Medical education has long been the missing element in the response to the global addiction problem. Instead of treating addiction as a disease, governments have focused on drug prohibition and law enforcement. This approach has failed by many measures, and, as a result, millions of people have suffered. Addiction science has increasingly identified a range of evidence-based approaches to treat substance-use disorders, particularly through early identification and treatment. However, most interventions are underused. Better physician education can improve accurate use of evidence-based treatments.
      177Scopus© Citations 2
  • Publication
    Barriers and facilitators to implementing addiction medicine fellowships: a qualitative study with fellows, medical students, residents and preceptors
    BackgroundAlthough progress in science has driven advances in addiction medicine, this subject has not been adequately taught to medical trainees and physicians. As a result, there has been poor integration of evidence-based practices in addiction medicine into physician training which has impeded addiction treatment and care. Recently, a number of training initiatives have emerged internationally, including the addiction medicine fellowships in Vancouver, Canada. This study was undertaken to examine barriers and facilitators of implementing addiction medicine fellowships.MethodsWe interviewed trainees and faculty from clinical and research training programmes in addiction medicine at St Paul¿s Hospital in Vancouver, Canada (N = 26) about barriers and facilitators to implementation of physician training in addiction medicine. We included medical students, residents, fellows and supervising physicians from a variety of specialities. We analysed interview transcripts thematically by using NVivo software.ResultsWe identified six domains relating to training implementation: (1) organisational, (2) structural, (3) teacher, (4) learner, (5) patient and (6) community related variables either hindered or fostered addiction medicine education, depending on context. Human resources, variety of rotations, peer support and mentoring fostered implementation of addiction training. Money, time and space limitations hindered implementation. Participant accounts underscored how faculty and staff facilitated the implementation of both the clinical and the research training.ConclusionsImplementation of addiction medicine fellowships appears feasible, although a number of barriers exist. Research into factors within the local/practice environment that shape delivery of education to ensure consistent and quality education scale-up is a priority.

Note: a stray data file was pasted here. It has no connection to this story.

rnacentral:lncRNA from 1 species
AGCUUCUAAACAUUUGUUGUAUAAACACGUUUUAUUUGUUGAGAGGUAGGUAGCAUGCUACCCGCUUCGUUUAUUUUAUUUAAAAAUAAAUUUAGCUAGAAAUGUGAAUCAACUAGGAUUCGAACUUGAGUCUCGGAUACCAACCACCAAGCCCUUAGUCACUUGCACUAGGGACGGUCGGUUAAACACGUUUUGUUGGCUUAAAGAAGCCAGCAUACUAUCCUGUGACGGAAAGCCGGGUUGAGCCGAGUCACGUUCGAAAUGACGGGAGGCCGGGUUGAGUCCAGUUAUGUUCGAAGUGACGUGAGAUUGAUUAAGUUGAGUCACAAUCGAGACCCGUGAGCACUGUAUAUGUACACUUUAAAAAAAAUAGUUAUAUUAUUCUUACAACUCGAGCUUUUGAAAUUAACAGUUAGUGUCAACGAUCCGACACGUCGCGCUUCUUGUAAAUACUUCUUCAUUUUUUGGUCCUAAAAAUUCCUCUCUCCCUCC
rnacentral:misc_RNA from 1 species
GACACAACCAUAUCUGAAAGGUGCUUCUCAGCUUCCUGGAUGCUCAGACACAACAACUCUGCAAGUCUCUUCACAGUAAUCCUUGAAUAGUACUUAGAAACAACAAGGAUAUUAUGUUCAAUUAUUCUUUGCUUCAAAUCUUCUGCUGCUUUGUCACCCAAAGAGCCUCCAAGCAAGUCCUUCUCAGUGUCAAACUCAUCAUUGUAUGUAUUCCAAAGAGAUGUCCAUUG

491Scopus© Citations 6
  • Publication
    Development and implementation of a 'Mental Health Finder' software tool within an electronic medical record system
    In Ireland, as in many other healthcare systems, mental health service provision is being reconfigured with a move toward more care in the community, and particularly primary care. Recording and surveillance systems for mental health information and activities in primary care are needed for service planning and quality improvement. We describe the development and initial implementation of a software tool ('mental health finder') within a widely used primary care electronic medical record system (EMR) in Ireland to enable large-scale data collection on the epidemiology and management of mental health and substance use problems among patients attending general practice. In collaboration with the Irish Primary Care Research Network (IPCRN), we developed the 'Mental Health Finder' as a software plug-in to a commonly used primary care EMR system to facilitate data collection on mental health diagnoses and pharmacological treatments among patients. The finder searches for and identifies patients based on diagnostic coding and/or prescribed medicines. It was initially implemented among a convenience sample of six GP practices. Prevalence of mental health and substance use problems across the six practices, as identified by the finder, was 9.4% (range 6.9-12.7%). 61.9% of identified patients were female; 25.8% were private patients. One-third (33.4%) of identified patients were prescribed more than one class of psychotropic medication. Of the patients identified by the finder, 89.9% were identifiable via prescribing data, 23.7% via diagnostic coding. The finder is a feasible and promising methodology for large-scale data collection on mental health problems in primary care.